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Young Johnstone

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Young Johnstone

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Young Johnstone

As Johnson and the young Colonel
Together were drinking wine,
Says Johnson to the young Colonel,
"If you'll marry my sister, I'll marry thine."

"No, I'll not marry your sister,
Nor shall you marry mine,
For I will keep her for a miss
As I go through the town."

Young Johnson has drawn his broad bright sword
Which hung low down to the ground,
And he has given the young Colonel
A deep and deadly wound.

Then mounting on his milk-white steed,
He swiftly rode away
Until he came to his sister's house
Long, long ere the break of day.

"Alight, alight, young Johnson," she said,
"And take a silent sleep,
For you have crossed wide wide waters,
Which are both wide and deep."

"I cannot light, I cannot light,
Nor neither sleep can I,
For I have killed the young Colonel,
And for it I did fly."

"O have you killed the young Colonel?
 O woe be unto thee!
To-morrow's morn at eight o'clock
It's hanged you shall be."

"O hold your tongue, you cruel woman,
O hold your tongue," said he,
"How can I trust to a strange lady
If I cannot trust to thee?"

He's mounted on his nimble steed
And swiftly rode away,
Until he carne to his own true love
Long, long ere break of day.

"Alight, alight, young Johnson," she said,
"And take a silent sleep,
For you have crossed the stormy waters,
Which are both wide and deep."

"I can't alight, I cannot stop,
Nor either sleep can I,
For I have killed the young Colonel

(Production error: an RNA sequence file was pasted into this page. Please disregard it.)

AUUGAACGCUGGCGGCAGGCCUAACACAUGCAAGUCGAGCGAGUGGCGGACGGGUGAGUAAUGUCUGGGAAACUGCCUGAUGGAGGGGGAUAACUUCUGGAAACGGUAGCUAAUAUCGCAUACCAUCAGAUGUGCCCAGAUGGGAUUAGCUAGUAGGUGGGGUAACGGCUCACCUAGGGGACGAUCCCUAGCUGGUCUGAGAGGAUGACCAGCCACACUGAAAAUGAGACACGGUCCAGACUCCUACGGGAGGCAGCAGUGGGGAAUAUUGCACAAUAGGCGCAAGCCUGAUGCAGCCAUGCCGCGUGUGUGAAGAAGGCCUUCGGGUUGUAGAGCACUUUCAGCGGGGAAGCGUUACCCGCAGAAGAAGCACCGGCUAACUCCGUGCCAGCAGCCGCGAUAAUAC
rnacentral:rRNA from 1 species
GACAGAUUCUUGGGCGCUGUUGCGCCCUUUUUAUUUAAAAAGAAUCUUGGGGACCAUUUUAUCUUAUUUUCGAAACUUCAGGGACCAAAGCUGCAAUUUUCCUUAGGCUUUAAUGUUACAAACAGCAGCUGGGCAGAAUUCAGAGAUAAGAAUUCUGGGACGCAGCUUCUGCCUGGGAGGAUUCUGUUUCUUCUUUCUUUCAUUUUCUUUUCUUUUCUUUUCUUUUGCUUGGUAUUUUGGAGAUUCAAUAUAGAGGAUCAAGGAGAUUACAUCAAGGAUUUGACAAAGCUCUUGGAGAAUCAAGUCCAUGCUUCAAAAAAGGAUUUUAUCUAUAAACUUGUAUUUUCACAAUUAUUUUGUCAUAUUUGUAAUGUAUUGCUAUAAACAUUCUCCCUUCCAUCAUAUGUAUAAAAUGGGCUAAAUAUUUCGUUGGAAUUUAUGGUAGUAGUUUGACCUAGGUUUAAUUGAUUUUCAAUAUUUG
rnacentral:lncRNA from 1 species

And for it I must fly."

"O have you killed my brother?" she said,
"O what shall now be done?
But come into my chamber,
I'll secure you from all harm."

She's locked up his hawks
And she's locked up his hounds,
And she's locked up the nimble steed
That bore him from the ground.

She's locked one, she's locked two,
She's locked three or four,
And then she stood for his life-guard
Behind the entry door.

On looking east and looking west
She happened for to see
Four and twenty of the King's Life Guards
Come riding merrily.

"O did you see young Johnson?" they said,
"Or did he pass by this way?
For he has killed the young Colonel,
And for it he did fly."

"What color was his hawk?" she said,
"And what color was his hound?
And what color was his nimble steed
That bore him from the ground?"

"A dark gray was his hawk," they said,
"And a light gray was his hound,
And a milk-white was the nimble steed
That bore him from the ground."

"Then ride away, O ride away
And quickly ride, I pray;
Or I fear he'll be out of London Town
Long, long ere the dawn of day."

She went into his chamber
For to tell him what she had done,
And he has pierced his lovely dear
That ne'er did him any wrong.

Young Johnson being in a silent sleep
And dreaming they were near
He has drawn his bright broad shining sword
And pierced his lovely dear.

"What cause for this, dear Johnson" she said,
"O what is this you've done?
For you have pierced your dearest dear
That ne'er did you any wrong.

"O can you live? O can you live?
Can you live but one single half hour
And all the doctors in London Town
Shall be within your bower."

"I cannot live, I cannot live!
O how can I live" said she,
"For don't you see my very heart's blood
Come trickling down from my knee?

"O ride away, you ride away,
And quickly get over the plain,
And never let it once enter your mind
That your own true love you've slain."

Child #88
From Bronson, Singing Tradition of Child's Popular Ballads
SOF
oct97
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E-Book - An Annotated Compendium of Old Time American Songs by James Alverson III